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Hindsight 20/20: Raymond Cohen

Executive Summary

Hindsight 20/20 is a new Q&A feature where medtech industry veterans share their long experience taking diverse businesses – be they start-ups or publicly-listed entities – from strength to strength and navigating through times of crises. This first instalment shines the spotlight on Raymond Cohen, who is currently CEO of venture-backed sacral neuromodulation company Axonics Modulation Technologies, Inc. The advice he gives includes not rushing into clinical studies too soon, try to go big with the fundraising and be very cautious when tackling a complex market like the US, among other things.

With around three decades of experience in the medical device industry, Raymond Cohen is recognized for having led several start-ups developing disruptive, technological innovations to growth and has also sat on the board of various publicly-listed entities. He is currently CEO of Axonics Modulation Technologies Inc., a California company developing a rechargeable sacral neuromodulation technology to treat urinary and fecal dysfunction. He recently took the firm through a $35m series C financing round. He was previously CEO of other neuromodulation companies including renal denervation firm Vessix Vascular Inc. , which was acquired by Boston Scientific for $425m in 2013.

Cohen's experience stretches beyond the US, having been on the board of directors of several European firms in the cardiovascular intervention space, among other things.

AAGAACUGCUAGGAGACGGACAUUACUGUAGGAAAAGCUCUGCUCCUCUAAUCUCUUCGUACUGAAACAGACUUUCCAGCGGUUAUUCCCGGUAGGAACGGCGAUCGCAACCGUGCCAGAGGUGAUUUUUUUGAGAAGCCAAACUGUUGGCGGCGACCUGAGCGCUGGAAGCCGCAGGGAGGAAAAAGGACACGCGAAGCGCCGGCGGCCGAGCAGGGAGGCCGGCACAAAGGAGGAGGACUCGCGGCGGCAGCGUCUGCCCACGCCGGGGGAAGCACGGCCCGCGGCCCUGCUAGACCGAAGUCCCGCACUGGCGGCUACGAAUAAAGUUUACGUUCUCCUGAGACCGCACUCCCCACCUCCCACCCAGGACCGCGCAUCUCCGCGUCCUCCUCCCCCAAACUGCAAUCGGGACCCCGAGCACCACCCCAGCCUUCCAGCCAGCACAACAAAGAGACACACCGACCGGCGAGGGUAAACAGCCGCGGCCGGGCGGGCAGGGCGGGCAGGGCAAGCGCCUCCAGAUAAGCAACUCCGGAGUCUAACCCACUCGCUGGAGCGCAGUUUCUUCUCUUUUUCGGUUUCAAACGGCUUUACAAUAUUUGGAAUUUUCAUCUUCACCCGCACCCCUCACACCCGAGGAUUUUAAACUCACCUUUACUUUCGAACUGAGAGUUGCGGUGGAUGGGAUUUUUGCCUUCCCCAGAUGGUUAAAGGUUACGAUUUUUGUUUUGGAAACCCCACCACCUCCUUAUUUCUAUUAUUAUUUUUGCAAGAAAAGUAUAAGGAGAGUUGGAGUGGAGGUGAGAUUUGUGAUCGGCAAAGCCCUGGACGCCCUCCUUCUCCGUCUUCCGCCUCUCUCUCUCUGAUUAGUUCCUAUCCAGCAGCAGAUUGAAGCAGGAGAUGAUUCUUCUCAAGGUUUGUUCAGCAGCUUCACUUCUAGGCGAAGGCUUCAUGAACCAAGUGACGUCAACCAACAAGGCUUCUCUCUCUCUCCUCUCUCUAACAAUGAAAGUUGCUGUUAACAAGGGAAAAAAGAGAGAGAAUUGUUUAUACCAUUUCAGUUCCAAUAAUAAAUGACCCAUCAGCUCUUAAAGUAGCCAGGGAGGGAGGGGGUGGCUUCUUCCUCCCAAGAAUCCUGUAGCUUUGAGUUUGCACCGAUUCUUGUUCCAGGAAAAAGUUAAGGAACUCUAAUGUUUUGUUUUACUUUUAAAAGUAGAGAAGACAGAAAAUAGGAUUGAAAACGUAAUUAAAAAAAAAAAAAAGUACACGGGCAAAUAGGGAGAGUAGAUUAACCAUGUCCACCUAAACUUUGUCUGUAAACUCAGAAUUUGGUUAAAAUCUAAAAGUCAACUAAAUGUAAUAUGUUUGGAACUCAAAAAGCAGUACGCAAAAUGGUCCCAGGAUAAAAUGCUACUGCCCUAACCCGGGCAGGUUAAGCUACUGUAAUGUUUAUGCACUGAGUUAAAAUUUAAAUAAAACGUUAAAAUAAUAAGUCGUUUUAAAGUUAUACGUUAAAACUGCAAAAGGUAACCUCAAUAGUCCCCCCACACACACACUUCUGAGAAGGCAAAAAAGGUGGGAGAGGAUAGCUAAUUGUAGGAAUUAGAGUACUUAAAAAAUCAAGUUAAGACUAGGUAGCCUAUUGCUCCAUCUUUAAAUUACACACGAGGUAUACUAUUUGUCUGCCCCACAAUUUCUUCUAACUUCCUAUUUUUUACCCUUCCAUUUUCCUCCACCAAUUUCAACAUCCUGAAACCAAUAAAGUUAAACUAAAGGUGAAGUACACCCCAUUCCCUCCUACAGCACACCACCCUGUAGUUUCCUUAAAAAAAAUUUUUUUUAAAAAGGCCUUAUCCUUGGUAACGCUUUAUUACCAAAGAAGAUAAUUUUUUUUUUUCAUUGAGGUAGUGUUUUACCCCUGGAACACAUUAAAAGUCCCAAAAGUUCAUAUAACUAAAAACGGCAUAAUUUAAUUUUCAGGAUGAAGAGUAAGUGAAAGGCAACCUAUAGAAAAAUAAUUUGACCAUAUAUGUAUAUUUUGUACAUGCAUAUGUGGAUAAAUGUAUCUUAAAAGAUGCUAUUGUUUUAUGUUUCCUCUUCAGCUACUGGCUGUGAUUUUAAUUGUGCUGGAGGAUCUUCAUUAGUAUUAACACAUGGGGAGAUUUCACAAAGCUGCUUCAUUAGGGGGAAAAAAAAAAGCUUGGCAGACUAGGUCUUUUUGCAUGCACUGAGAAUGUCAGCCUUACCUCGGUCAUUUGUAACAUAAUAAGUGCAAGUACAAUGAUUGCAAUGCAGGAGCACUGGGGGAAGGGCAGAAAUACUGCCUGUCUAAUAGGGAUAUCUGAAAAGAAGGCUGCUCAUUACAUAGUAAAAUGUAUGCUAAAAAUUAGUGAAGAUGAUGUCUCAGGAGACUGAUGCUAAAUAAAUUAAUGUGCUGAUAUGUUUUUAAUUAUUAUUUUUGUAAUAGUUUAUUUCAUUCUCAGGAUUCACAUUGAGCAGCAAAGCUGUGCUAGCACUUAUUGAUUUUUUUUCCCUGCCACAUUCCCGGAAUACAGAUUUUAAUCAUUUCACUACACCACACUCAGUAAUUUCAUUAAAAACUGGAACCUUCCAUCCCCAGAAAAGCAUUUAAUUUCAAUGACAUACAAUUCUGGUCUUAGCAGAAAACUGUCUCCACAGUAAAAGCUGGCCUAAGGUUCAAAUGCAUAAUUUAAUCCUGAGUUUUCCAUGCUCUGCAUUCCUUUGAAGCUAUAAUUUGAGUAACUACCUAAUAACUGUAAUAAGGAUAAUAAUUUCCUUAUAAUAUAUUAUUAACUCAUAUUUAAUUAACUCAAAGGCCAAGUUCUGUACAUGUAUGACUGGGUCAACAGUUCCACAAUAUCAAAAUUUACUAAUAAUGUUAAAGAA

Raymond Cohen, CEO of Axonics Modulation Technologies, Inc.

"Forget dilution and raise as much money as you can, as early as you can. Time is of the essence and velocity is important."

Source: Raymond Cohen

Medtech Insight: What are the biggest mistakes you see young companies make over and over again in their clinical strategy?
Raymond Cohen: This is a complex topic which can be looked at from various perspectives. Early-stage device companies trend towards two major mistakes - they often go into a clinical study with a prototype device and they tend to over-complicate and outsource.

Going to the clinic for a human study with a product that is not a commercial-grade product fundamentally guarantees that you will have problems and have you hope that none of the compromises you made affect patient safety. The easiest way to kill a company and dampen investor support is to have a safety issue. And besides, do you really want to spend time making excuses for the ugly duckling product?

Study designs tend to have objectives that are beyond what is required as an initial step. This is sometimes a function of an executive being advised by overzealous clinical/regulatory consultants or investors. The thing I hear often is “that’s just the way it’s done.” Hogwash. Sure, there are some rules. However, clinical and regulatory folks often work off of what they heard or learned – good or bad – at their last company and have a tendency to spit it back out as gospel. You have to ask yourself – is there really anything more to prove in this first study other than that the product is safe and works as designed? Of course, you want to see efficacy, but that will be there assuming the device works.

I have also observed folks engaging CROs on the assumption that “this is the way it’s done,” or that a CRO is necessary, or that the CRO will bring expertise that the early-stage company may not have on the team. Hiring a CRO is a sure-fire way to ensure a study will be expensive since CROs bill by the hour. The entire study process, from filings with Ethics Committees, etc. will, no doubt, take longer than desired and be more complex. There’s a role for CROs but it shouldn’t be the first thought. CROs are great for monitoring, but they don’t drive enrollment and won’t be able to handle physician investigators who will want to enroll patients that they feel will benefit from the therapy even if it doesn’t quite meet up with the inclusion/exclusion criteria.